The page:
Abolition of Slavery

In Britain, Quakers had first petitioned Parliament for the abolition of Slave Trade in 1783; WILLIAM WILBERFORCE became the driving force of the abolitionist movement. When the Continental System, implemented in 1806, had a devastating impact on the Caribbean plantation industry (the main market for African slaves), British parliament banned the transantlantic slave trade and began enforcing that ban, establishing Freetown in Sierra Leone as a colony for the settlement of freed slaves. The abolitionist movement also took root in New England, and an American initiative established the colony of Liberia for the same purpose (1821, released into independence 1847). Actually, Denmark had outlawed slave trade as early as 1792, a law which took effect in 1802.
France temporarily abolished slavery during the French Revolution (1794-1802). Slavery was abolished in Spain and her colonies (except Cuba, where the abolition could not be enforced due to the resistance of the local plantation owners) in 1811. The British Parliament abolished slavery in 1834, compensating the former owners for their loss and requiring the liberated slaves to stay on the plantations, as paid workers, for another 10 years. In 1848, France terminated the institution of slavery, without compensation, and joined the British in suppressing transantlantic slave trade; the French founded Libreville in Gabon as a settlement for liberated slaves. France even granted the inhabitants of the 4 communes in Senegal French citizenship - the communes elected representatives to France's parliament.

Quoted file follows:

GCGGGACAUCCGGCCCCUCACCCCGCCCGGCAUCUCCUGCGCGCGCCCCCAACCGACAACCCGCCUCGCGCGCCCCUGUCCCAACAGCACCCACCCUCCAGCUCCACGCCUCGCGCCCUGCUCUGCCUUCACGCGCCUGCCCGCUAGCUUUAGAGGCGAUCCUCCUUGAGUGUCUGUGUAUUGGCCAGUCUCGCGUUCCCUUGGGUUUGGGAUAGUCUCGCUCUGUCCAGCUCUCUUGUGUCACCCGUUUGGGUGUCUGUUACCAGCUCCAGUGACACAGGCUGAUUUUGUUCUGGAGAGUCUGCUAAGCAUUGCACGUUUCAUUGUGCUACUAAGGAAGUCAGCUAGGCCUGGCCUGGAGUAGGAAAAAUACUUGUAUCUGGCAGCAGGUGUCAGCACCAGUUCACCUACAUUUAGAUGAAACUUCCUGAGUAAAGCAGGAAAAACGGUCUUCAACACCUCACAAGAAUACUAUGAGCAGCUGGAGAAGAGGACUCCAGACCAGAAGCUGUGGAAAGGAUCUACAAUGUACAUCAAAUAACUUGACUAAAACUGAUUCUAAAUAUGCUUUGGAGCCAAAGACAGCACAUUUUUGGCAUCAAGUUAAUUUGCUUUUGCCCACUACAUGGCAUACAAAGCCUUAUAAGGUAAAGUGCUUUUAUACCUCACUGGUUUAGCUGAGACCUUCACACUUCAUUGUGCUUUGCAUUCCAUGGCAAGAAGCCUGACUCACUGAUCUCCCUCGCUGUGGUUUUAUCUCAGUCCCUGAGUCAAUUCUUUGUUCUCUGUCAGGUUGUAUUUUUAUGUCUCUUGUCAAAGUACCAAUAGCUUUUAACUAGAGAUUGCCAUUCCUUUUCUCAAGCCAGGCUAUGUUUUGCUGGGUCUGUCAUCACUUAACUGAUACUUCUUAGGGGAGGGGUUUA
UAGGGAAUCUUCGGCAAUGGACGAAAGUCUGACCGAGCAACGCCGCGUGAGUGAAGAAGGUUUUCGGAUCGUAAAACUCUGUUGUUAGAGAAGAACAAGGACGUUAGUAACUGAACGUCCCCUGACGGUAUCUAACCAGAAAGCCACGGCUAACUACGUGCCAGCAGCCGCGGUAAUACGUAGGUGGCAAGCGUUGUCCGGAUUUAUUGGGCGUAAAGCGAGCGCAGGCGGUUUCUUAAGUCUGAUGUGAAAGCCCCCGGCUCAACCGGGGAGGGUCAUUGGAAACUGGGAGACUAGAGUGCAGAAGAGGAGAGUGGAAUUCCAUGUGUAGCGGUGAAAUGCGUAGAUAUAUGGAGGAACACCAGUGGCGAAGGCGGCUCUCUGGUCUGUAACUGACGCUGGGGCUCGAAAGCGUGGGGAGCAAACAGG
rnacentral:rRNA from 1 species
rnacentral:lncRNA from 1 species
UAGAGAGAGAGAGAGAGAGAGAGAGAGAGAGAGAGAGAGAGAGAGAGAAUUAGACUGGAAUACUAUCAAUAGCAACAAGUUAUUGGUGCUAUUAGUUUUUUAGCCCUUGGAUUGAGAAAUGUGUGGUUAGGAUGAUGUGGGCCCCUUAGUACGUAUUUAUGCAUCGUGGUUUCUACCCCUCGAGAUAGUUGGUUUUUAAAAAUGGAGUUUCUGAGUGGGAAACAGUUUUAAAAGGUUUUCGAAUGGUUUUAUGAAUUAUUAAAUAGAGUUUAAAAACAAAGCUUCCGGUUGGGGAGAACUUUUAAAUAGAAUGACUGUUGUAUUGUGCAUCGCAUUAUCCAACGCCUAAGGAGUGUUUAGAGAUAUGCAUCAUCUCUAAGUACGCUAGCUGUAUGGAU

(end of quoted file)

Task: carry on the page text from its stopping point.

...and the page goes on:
Sweden abolished slavery in 1843, Denmark in 1848. It took the Netherlands until 1863 to abolish slavery in her colonies, that year Abraham Lincoln freed the slaves in the U.S.; Cuba abolished slavery formally in 1870/1886 (the abolition was now profitable to the former owners, as they hired the former slaves as day labourers in times of high labour demand), Brazil after the revolution of 1888.

Biography of William Wilberforce, from Spartacus Schoolnet
Slavery - a Timeline, from BBC Timeline
Studies in the World History of Slave Trade, Abolition and Emancipation, from h-net
The Slave Trade, from Spartacus Internet Encyclopedia
Prohibition of Danish Slave Trade, from Anti Slavery Society

This page is part of World History at KMLA
First posted on October 30th 2003, last revised on November 16th 2004

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